Fantasia 2000 Blu-ray – 4.25/5, Fantasia 2000 DVD – 1/5
Feature Commentaries – The first commentary is with Executive Producer Roy E. Disney (who passed away in 2009), Conductor James Levine and Producer Don Ernst. Luckily all three participants are in the same room so it makes for a lively commentary as they share their thoughts on the movie. The second track is with the directors and art directors for each segment. Both were available on the original DVD though they are NOT on the DVD included in this set.
Musicana (9:20) covers the animation of the unused sequel for Fantasia and features interviews with various historians and/or those involved in Disney. But due to the film’s poor reception, it never came to be.
Dali & Disney: A Date with Destino (1:22:18) – This is a highly extensive documentary on the background for Destino covering the relationship between dark Spanish artist Salvador Dali and master of animation creativity, Walt Disney. This is an interesting feature giving insights into the collaboration between the two men and what brought about the once lost Destino. ** Blu-ray Exclusive **
Destino (6:31) – The short film finally makes its way onto home video. This short animated film was originally conceived and started in 1945 and, as outlined in “Daly and Disney” was collaboration between Walt Disney and Salvador Dali. It wasn’t until 58 years later was it completed after, in 1999 while Roy Disney was working on Fantasia 2000, found the unfinished project and decided to complete it. Unlike the Fantasia movies, I was actually enamored with this animated short, brilliant animation, addictive music (sung by Dore Luz) and a great story makes this a must-see. Unfortunately for DVD-only owners, this is a ** Blu-ray Exclusive **.
And finally, we have Disney’s Virtual Vault is similar to the “Interactive Art Gallery” including the clunky navigation. Here you can look at early concepts, story reels and other items attached to the segments from either movie. ** Blu-ray Exclusive **
VIDEO – 4.5/5
Fantasia – 4.5/5
Given that this film is going on 70 years old, I was very impressed with the video transfer. Fantasia is presented in its original Full Frame 1.33 aspect ratio and now in 1080p high-definition. You also have two options to watch the film: one is the standard version with black bars along the side while the other is via “DisneyView” where the sides are filled in with artwork that corresponds with the segment on the screen. The video itself looks great as from what I can tell is void of dust, scratches and other imperfections. The detail levels are also look fantastic with vibrant colors during the animated segments and even during the orchestral parts in between you get splashes of color that pop out as well.
Fantasia 2000 – 4.5/5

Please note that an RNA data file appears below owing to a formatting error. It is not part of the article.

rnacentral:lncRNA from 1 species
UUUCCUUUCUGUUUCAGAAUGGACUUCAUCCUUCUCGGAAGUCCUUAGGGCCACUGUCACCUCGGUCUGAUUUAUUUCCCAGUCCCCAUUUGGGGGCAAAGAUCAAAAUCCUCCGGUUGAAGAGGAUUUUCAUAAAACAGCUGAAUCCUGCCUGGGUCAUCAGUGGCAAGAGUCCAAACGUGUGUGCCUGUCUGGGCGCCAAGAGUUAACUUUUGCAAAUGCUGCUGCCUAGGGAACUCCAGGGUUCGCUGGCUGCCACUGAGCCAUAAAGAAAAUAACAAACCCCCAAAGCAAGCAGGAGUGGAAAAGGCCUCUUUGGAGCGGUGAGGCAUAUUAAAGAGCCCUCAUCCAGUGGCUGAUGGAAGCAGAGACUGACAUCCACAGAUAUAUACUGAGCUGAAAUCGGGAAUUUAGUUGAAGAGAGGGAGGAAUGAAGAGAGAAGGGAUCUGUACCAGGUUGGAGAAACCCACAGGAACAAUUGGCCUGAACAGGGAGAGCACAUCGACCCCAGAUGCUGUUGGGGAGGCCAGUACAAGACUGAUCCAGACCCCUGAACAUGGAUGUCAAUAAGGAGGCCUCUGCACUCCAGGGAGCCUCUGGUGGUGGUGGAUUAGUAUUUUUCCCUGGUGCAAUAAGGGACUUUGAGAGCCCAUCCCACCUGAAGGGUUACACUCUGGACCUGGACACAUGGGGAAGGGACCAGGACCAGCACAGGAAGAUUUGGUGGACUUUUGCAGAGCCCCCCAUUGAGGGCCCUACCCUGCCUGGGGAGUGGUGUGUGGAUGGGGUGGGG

This movie was released in 1999 so I knew that if Fantasia looked spectacular on Blu-ray, its sequel should as well, and it didn’t disappoint. With Fantasia 2000, there is far more details to look at as they expand the host segments and of course the animated parts once again look very sharp. Fantasia 2000 is presented in its original 1.78 aspect ratio and in 1080p HD. For fans of both films, these will never look better.
AUDIO – 5/5
Fantasia – 4.75/5
Once again, Disney does not disappoint with its audio presentation either. This receives an excellent 7.1 DTS-HD Master Audio track which makes full use of each channel primarily during the music in each segment. I did drop the rating down a notch because the audio does top out a few times due to the original soundtrack but otherwise fans will be impressed.
Fantasia 2000 – 5/5
The sequel also received a 7.1 DTS-HD Master Audio track and this one is absolute perfection from the host sections to the animated segments, each are crisp and clear throughout. To hear the Chicago Symphony Orchestra come through each channel, even as someone who isn’t the biggest fan of classical music, it’s something to behold.
Also, the DVD versions of each film feature much the same presentation both visually and aurally though much more low-key. The DVDs have the standard Dolby Digital 5.1 tracks and the video are both in their original aspect ratios.
OVERALL – 3.75/5
Admittedly I am not a fan of either Fantasia or Fantasia 2000 but I can still appreciate what they were trying to do and the experiment Walt Disney himself was trying to accomplish. It might have failed back in 1940 but the film has its devoted followers and while I may not be one of them, this is still a set well worth picking up. Personally, I loved the Destino animated short which, as far as I can tell, is the first time it has been available on home video. For some reason this short is only available on the Blu-ray copy which is unfortunate for those without a Blu-ray player as it is well worth others to see.
Brian Oliver, The Movieman